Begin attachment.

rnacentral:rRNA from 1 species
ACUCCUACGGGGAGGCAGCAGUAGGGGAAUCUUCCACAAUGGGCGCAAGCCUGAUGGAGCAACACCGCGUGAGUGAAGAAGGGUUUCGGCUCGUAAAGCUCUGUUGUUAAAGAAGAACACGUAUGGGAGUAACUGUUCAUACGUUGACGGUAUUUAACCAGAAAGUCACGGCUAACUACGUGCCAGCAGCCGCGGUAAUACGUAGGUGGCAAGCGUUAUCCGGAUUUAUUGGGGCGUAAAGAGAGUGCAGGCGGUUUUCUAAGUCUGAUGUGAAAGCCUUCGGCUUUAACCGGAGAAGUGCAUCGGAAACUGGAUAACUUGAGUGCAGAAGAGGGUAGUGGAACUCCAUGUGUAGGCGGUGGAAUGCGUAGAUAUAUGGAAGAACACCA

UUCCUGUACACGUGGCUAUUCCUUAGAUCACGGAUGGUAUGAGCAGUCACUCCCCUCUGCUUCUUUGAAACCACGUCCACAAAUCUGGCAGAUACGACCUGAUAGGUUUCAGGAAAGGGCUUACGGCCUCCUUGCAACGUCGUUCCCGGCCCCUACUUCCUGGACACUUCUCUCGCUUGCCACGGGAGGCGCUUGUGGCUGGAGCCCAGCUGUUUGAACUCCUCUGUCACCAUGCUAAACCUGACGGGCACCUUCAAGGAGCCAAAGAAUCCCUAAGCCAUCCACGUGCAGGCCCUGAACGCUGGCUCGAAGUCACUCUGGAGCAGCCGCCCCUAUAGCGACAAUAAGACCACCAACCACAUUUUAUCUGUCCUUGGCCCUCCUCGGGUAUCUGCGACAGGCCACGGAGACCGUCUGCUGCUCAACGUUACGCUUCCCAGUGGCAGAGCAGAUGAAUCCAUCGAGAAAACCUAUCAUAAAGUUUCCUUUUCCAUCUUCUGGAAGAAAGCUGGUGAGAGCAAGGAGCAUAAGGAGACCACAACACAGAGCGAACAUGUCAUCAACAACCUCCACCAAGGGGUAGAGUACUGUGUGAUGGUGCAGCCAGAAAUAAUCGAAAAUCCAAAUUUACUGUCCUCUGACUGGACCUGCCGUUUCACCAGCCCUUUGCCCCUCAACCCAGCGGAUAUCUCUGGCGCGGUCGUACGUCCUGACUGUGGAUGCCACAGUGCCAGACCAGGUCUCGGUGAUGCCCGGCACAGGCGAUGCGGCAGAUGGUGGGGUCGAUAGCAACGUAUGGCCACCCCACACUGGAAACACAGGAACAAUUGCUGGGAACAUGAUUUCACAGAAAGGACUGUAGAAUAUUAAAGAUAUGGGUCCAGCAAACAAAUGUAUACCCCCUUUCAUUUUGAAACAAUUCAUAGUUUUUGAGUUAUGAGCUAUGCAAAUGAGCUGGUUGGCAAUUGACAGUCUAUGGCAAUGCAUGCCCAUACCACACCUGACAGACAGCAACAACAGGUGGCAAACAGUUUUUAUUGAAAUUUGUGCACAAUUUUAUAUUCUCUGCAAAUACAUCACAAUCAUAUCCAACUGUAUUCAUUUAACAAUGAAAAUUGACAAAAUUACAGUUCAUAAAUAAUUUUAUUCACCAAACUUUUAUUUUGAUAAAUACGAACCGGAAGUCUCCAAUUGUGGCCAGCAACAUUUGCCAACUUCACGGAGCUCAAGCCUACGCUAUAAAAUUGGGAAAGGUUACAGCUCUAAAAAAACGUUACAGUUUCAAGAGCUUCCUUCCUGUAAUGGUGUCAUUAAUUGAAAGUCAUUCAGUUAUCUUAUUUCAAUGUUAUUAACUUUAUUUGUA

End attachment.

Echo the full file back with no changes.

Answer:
rnacentral:rRNA from 1 species
ACUCCUACGGGGAGGCAGCAGUAGGGGAAUCUUCCACAAUGGGCGCAAGCCUGAUGGAGCAACACCGCGUGAGUGAAGAAGGGUUUCGGCUCGUAAAGCUCUGUUGUUAAAGAAGAACACGUAUGGGAGUAACUGUUCAUACGUUGACGGUAUUUAACCAGAAAGUCACGGCUAACUACGUGCCAGCAGCCGCGGUAAUACGUAGGUGGCAAGCGUUAUCCGGAUUUAUUGGGGCGUAAAGAGAGUGCAGGCGGUUUUCUAAGUCUGAUGUGAAAGCCUUCGGCUUUAACCGGAGAAGUGCAUCGGAAACUGGAUAACUUGAGUGCAGAAGAGGGUAGUGGAACUCCAUGUGUAGGCGGUGGAAUGCGUAGAUAUAUGGAAGAACACCA

UUCCUGUACACGUGGCUAUUCCUUAGAUCACGGAUGGUAUGAGCAGUCACUCCCCUCUGCUUCUUUGAAACCACGUCCACAAAUCUGGCAGAUACGACCUGAUAGGUUUCAGGAAAGGGCUUACGGCCUCCUUGCAACGUCGUUCCCGGCCCCUACUUCCUGGACACUUCUCUCGCUUGCCACGGGAGGCGCUUGUGGCUGGAGCCCAGCUGUUUGAACUCCUCUGUCACCAUGCUAAACCUGACGGGCACCUUCAAGGAGCCAAAGAAUCCCUAAGCCAUCCACGUGCAGGCCCUGAACGCUGGCUCGAAGUCACUCUGGAGCAGCCGCCCCUAUAGCGACAAUAAGACCACCAACCACAUUUUAUCUGUCCUUGGCCCUCCUCGGGUAUCUGCGACAGGCCACGGAGACCGUCUGCUGCUCAACGUUACGCUUCCCAGUGGCAGAGCAGAUGAAUCCAUCGAGAAAACCUAUCAUAAAGUUUCCUUUUCCAUCUUCUGGAAGAAAGCUGGUGAGAGCAAGGAGCAUAAGGAGACCACAACACAGAGCGAACAUGUCAUCAACAACCUCCACCAAGGGGUAGAGUACUGUGUGAUGGUGCAGCCAGAAAUAAUCGAAAAUCCAAAUUUACUGUCCUCUGACUGGACCUGCCGUUUCACCAGCCCUUUGCCCCUCAACCCAGCGGAUAUCUCUGGCGCGGUCGUACGUCCUGACUGUGGAUGCCACAGUGCCAGACCAGGUCUCGGUGAUGCCCGGCACAGGCGAUGCGGCAGAUGGUGGGGUCGAUAGCAACGUAUGGCCACCCCACACUGGAAACACAGGAACAAUUGCUGGGAACAUGAUUUCACAGAAAGGACUGUAGAAUAUUAAAGAUAUGGGUCCAGCAAACAAAUGUAUACCCCCUUUCAUUUUGAAACAAUUCAUAGUUUUUGAGUUAUGAGCUAUGCAAAUGAGCUGGUUGGCAAUUGACAGUCUAUGGCAAUGCAUGCCCAUACCACACCUGACAGACAGCAACAACAGGUGGCAAACAGUUUUUAUUGAAAUUUGUGCACAAUUUUAUAUUCUCUGCAAAUACAUCACAAUCAUAUCCAACUGUAUUCAUUUAACAAUGAAAAUUGACAAAAUUACAGUUCAUAAAUAAUUUUAUUCACCAAACUUUUAUUUUGAUAAAUACGAACCGGAAGUCUCCAAUUGUGGCCAGCAACAUUUGCCAACUUCACGGAGCUCAAGCCUACGCUAUAAAAUUGGGAAAGGUUACAGCUCUAAAAAAACGUUACAGUUUCAAGAGCUUCCUUCCUGUAAUGGUGUCAUUAAUUGAAAGUCAUUCAGUUAUCUUAUUUCAAUGUUAUUAACUUUAUUUGUA